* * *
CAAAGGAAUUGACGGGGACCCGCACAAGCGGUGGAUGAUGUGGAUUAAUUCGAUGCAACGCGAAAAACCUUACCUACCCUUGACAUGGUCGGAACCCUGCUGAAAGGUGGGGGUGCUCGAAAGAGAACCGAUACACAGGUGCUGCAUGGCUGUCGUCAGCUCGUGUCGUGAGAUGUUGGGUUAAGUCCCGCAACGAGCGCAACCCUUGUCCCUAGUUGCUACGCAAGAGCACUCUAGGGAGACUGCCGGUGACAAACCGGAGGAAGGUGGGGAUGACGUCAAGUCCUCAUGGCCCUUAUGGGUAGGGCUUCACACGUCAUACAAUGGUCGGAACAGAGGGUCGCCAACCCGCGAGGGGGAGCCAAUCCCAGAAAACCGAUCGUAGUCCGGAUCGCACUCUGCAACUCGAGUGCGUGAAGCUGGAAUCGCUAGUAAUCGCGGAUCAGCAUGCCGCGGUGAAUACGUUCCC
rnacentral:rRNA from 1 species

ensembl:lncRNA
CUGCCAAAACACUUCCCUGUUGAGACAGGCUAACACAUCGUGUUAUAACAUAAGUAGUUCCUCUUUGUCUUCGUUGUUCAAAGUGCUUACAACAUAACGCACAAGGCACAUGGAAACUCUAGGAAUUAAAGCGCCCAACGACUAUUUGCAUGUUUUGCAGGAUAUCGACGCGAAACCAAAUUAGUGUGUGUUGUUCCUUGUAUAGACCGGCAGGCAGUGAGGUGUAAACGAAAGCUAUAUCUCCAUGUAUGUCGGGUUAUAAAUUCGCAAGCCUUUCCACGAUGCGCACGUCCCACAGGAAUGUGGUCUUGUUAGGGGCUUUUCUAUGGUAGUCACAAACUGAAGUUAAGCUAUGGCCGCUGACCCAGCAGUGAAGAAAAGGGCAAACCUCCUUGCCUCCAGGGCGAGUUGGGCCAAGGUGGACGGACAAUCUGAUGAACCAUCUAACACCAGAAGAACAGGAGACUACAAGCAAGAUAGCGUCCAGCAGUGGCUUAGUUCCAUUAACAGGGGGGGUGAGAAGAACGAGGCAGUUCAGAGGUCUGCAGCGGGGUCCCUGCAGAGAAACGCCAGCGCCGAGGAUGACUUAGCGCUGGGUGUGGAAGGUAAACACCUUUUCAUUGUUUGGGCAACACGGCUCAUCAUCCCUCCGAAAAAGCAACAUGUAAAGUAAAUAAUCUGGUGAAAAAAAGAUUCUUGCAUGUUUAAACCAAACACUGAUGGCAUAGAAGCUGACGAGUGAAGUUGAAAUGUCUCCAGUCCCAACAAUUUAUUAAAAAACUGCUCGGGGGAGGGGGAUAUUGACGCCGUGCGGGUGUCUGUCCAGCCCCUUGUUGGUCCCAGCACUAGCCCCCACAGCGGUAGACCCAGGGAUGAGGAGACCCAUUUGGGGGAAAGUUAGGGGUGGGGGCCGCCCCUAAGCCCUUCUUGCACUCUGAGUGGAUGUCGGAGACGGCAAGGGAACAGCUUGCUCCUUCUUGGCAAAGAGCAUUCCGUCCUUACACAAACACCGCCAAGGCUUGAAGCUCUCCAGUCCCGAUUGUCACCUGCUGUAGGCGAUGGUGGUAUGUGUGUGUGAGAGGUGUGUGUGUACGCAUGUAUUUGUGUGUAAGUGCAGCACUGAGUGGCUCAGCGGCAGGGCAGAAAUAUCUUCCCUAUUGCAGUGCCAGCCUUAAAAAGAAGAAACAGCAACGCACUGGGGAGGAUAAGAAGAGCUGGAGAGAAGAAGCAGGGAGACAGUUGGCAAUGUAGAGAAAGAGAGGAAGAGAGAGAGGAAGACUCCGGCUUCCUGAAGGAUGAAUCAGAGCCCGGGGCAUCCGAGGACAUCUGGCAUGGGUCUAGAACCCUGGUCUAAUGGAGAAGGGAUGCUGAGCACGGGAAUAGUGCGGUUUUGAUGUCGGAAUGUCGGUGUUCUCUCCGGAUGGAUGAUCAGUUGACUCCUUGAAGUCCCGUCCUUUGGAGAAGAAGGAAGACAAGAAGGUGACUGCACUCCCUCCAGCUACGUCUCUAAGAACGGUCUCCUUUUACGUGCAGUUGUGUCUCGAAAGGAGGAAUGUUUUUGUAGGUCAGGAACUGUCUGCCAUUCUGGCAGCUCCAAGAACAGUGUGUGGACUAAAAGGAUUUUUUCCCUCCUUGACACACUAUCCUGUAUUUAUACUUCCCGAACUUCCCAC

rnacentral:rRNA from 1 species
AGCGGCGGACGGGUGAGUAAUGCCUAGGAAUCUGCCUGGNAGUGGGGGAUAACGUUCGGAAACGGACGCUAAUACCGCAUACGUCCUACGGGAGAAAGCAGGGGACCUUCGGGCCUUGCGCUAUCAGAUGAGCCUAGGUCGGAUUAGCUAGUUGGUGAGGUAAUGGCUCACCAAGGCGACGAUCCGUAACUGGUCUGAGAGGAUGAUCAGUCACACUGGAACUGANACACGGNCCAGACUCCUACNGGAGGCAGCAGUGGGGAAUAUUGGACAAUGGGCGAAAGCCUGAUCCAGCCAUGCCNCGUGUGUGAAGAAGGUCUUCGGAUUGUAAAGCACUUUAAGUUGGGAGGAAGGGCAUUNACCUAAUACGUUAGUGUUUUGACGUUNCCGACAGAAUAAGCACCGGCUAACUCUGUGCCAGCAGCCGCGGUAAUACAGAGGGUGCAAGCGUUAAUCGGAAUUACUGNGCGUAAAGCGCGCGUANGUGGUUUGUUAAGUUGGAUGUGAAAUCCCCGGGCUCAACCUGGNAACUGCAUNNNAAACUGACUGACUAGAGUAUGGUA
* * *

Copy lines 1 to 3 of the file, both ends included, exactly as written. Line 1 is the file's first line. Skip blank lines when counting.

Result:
CAAAGGAAUUGACGGGGACCCGCACAAGCGGUGGAUGAUGUGGAUUAAUUCGAUGCAACGCGAAAAACCUUACCUACCCUUGACAUGGUCGGAACCCUGCUGAAAGGUGGGGGUGCUCGAAAGAGAACCGAUACACAGGUGCUGCAUGGCUGUCGUCAGCUCGUGUCGUGAGAUGUUGGGUUAAGUCCCGCAACGAGCGCAACCCUUGUCCCUAGUUGCUACGCAAGAGCACUCUAGGGAGACUGCCGGUGACAAACCGGAGGAAGGUGGGGAUGACGUCAAGUCCUCAUGGCCCUUAUGGGUAGGGCUUCACACGUCAUACAAUGGUCGGAACAGAGGGUCGCCAACCCGCGAGGGGGAGCCAAUCCCAGAAAACCGAUCGUAGUCCGGAUCGCACUCUGCAACUCGAGUGCGUGAAGCUGGAAUCGCUAGUAAUCGCGGAUCAGCAUGCCGCGGUGAAUACGUUCCC
rnacentral:rRNA from 1 species

ensembl:lncRNA